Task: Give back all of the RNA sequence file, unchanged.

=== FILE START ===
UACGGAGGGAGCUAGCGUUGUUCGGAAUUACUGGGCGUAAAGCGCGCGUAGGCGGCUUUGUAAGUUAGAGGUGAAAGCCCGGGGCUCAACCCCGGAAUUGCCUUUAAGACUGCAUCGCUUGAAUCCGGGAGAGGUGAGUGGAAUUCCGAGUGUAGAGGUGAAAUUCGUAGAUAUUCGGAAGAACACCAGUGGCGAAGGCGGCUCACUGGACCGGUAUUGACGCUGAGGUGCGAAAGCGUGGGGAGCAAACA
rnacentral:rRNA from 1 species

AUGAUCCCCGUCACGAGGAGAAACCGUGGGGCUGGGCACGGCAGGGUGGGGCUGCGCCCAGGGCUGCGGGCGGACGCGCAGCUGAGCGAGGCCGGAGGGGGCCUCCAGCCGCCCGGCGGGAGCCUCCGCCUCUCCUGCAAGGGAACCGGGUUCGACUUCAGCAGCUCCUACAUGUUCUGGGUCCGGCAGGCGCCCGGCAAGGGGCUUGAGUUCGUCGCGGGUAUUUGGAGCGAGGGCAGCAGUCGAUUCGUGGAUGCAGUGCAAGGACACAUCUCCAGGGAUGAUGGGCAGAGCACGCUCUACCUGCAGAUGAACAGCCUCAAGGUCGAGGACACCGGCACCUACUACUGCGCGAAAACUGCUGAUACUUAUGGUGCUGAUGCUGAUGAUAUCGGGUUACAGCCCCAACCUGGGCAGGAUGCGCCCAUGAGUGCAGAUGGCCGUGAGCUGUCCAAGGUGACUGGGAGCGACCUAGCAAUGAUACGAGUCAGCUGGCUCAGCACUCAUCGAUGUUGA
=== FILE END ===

UACGGAGGGAGCUAGCGUUGUUCGGAAUUACUGGGCGUAAAGCGCGCGUAGGCGGCUUUGUAAGUUAGAGGUGAAAGCCCGGGGCUCAACCCCGGAAUUGCCUUUAAGACUGCAUCGCUUGAAUCCGGGAGAGGUGAGUGGAAUUCCGAGUGUAGAGGUGAAAUUCGUAGAUAUUCGGAAGAACACCAGUGGCGAAGGCGGCUCACUGGACCGGUAUUGACGCUGAGGUGCGAAAGCGUGGGGAGCAAACA
rnacentral:rRNA from 1 species

AUGAUCCCCGUCACGAGGAGAAACCGUGGGGCUGGGCACGGCAGGGUGGGGCUGCGCCCAGGGCUGCGGGCGGACGCGCAGCUGAGCGAGGCCGGAGGGGGCCUCCAGCCGCCCGGCGGGAGCCUCCGCCUCUCCUGCAAGGGAACCGGGUUCGACUUCAGCAGCUCCUACAUGUUCUGGGUCCGGCAGGCGCCCGGCAAGGGGCUUGAGUUCGUCGCGGGUAUUUGGAGCGAGGGCAGCAGUCGAUUCGUGGAUGCAGUGCAAGGACACAUCUCCAGGGAUGAUGGGCAGAGCACGCUCUACCUGCAGAUGAACAGCCUCAAGGUCGAGGACACCGGCACCUACUACUGCGCGAAAACUGCUGAUACUUAUGGUGCUGAUGCUGAUGAUAUCGGGUUACAGCCCCAACCUGGGCAGGAUGCGCCCAUGAGUGCAGAUGGCCGUGAGCUGUCCAAGGUGACUGGGAGCGACCUAGCAAUGAUACGAGUCAGCUGGCUCAGCACUCAUCGAUGUUGA